U.S. Markets closed

3 Top Diabetes Stocks to Watch in March

Keith Speights, George Budwell, and Sean Williams, The Motley Fool

Diabetes. Chances are, you know someone who has the disease. Maybe that someone is even you. It's a major health problem, not only in the U.S. but across the world. But where there are problems, there are also opportunities.

Lots of companies are feverishly working to develop products to manage and treat diabetes. Many of these companies are publicly traded. We asked three Motley Fool healthcare contributors to pick the top diabetes stocks they think investors should especially watch in March. Here's why they chose AstraZeneca (NYSE: AZN), DexCom (NASDAQ: DXCM), and Medtronic (NYSE: MDT).

Doctor writing "Diabetes" in black ink.

Image source: Getty Images.

A key piece of the puzzle

George Budwell (AstraZeneca): After a lengthy bout with the patent cliff, Anglo-Swedish drugmaker AstraZeneca finally turned the corner in late 2018, thanks to six key growth products. While the company's oncology franchise has grabbed the bulk of the credit for this return to form, Astra's diabetes franchise has played a crucial role as well.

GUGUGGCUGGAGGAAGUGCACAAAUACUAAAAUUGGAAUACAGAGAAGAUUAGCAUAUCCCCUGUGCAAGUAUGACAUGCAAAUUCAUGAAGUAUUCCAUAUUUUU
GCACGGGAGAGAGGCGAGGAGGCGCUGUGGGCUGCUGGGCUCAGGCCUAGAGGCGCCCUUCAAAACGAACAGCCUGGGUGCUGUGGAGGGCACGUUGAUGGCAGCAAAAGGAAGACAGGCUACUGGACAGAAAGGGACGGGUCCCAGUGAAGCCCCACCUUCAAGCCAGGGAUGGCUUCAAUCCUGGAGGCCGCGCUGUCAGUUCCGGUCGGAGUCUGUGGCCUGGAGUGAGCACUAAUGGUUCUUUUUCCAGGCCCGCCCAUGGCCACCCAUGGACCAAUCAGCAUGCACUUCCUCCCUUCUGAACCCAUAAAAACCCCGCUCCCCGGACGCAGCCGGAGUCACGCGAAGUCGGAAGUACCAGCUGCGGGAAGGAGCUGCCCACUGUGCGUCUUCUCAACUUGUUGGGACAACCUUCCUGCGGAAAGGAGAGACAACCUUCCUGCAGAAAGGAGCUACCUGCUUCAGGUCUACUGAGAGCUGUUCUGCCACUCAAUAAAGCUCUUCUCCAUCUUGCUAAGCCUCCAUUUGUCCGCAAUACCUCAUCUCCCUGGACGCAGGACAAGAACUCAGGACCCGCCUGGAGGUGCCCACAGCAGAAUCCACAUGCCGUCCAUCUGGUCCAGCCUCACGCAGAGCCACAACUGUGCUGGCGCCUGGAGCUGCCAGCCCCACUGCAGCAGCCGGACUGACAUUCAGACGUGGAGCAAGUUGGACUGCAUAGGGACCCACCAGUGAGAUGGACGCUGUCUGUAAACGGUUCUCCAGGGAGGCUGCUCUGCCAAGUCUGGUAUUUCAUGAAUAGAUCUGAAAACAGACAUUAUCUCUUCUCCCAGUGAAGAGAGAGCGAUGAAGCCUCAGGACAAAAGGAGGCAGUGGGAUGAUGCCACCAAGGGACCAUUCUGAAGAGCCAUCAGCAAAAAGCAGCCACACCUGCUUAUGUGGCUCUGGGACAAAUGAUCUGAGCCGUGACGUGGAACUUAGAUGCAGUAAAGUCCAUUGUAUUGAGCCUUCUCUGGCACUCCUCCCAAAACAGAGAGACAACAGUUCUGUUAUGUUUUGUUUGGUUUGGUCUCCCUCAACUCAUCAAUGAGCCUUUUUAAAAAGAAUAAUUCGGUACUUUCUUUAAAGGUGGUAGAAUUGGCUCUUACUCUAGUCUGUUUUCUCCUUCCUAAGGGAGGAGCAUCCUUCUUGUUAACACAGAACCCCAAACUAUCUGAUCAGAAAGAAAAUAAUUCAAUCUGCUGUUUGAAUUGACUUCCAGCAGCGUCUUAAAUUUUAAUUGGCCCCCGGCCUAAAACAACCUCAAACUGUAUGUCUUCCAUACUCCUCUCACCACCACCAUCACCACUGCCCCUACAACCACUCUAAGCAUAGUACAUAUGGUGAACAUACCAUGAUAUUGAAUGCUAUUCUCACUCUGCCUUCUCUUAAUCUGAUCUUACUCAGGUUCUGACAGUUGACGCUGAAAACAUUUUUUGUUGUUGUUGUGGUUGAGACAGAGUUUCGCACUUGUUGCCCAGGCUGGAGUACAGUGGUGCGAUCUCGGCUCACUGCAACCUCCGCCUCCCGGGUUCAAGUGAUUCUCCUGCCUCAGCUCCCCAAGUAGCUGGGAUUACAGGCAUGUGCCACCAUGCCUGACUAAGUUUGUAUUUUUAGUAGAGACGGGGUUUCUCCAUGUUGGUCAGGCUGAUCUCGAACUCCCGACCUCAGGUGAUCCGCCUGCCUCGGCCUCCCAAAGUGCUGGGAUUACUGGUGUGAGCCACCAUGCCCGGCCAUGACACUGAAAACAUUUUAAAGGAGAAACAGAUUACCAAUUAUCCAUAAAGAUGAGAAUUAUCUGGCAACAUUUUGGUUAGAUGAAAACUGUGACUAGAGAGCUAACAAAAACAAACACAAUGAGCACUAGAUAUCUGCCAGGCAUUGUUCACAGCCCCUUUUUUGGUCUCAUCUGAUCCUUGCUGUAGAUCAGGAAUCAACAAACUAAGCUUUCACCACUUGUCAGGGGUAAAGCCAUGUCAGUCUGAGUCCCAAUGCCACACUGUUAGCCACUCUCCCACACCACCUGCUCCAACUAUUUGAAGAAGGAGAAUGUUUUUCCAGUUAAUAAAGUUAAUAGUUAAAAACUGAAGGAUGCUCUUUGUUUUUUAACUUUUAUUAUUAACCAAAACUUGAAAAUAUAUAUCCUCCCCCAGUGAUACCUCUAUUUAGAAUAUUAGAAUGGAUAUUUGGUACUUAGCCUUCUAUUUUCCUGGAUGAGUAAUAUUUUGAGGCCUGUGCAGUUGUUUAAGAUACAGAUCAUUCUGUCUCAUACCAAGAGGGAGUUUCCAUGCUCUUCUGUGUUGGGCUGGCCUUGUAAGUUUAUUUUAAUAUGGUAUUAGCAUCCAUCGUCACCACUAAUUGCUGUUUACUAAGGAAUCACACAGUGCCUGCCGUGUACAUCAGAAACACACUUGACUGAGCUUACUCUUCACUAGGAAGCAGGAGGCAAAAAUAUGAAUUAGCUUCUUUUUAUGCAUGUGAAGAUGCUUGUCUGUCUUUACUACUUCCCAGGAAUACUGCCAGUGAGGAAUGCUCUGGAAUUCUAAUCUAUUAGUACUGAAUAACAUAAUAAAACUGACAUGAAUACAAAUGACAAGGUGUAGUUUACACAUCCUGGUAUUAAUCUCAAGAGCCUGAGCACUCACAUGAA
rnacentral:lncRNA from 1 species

In particular, Astra's type 2 diabetes medicine Farxiga (Forxiga in the EU) has become a core element of the company's growth engine over the last few years. Farxiga's sales, for example, grew by an impressive 30% year over year in 2018, making it one of the best-selling SGLT2 inhibitors last year.

Nevertheless, this top diabetes drug still has a lot more room to grow from a sales standpoint. If regulators agree to expand Farxiga's label to include type 1 diabetes patients and those at-risk of heart failure, for instance, Wall Street thinks the drug's sales can nearly double from current levels to reach a whopping $2.7 billion by 2023.

So why is AstraZeneca's stock worth watching this month? The company is set to unveil new analyses from Farxiga's cardiovascular outcomes trial, Declare, in type 2 diabetics at the American College of Cardiology's 68th Annual Scientific Session this weekend. As Farxiga is a key piece of Astra's overall growth story, the market could react strongly -- either positively or negatively -- to this presentation over the course of next week. Billions in future sales, after all, could be at stake

The leader in a fast-growing market

Keith Speights (DexCom): It's no exaggeration to say that quickly responding to out-of-whack blood sugar (glucose) levels can often be a life-saving move for individuals with diabetes. But to respond requires knowing the blood sugar level in the first place. That's where continuous glucose monitoring (CGM) systems come into play. These systems enable people with diabetes to always know what their blood sugar levels are.

Around 415 million people across the world have diabetes. Only 6% of them, though, achieve their desired outcomes. Around 70% of the time, these individuals have blood sugar levels that are outside of a healthy range. The market is enormous for CGM systems and continues to grow -- and one company is the leader in this fast-growing market: DexCom.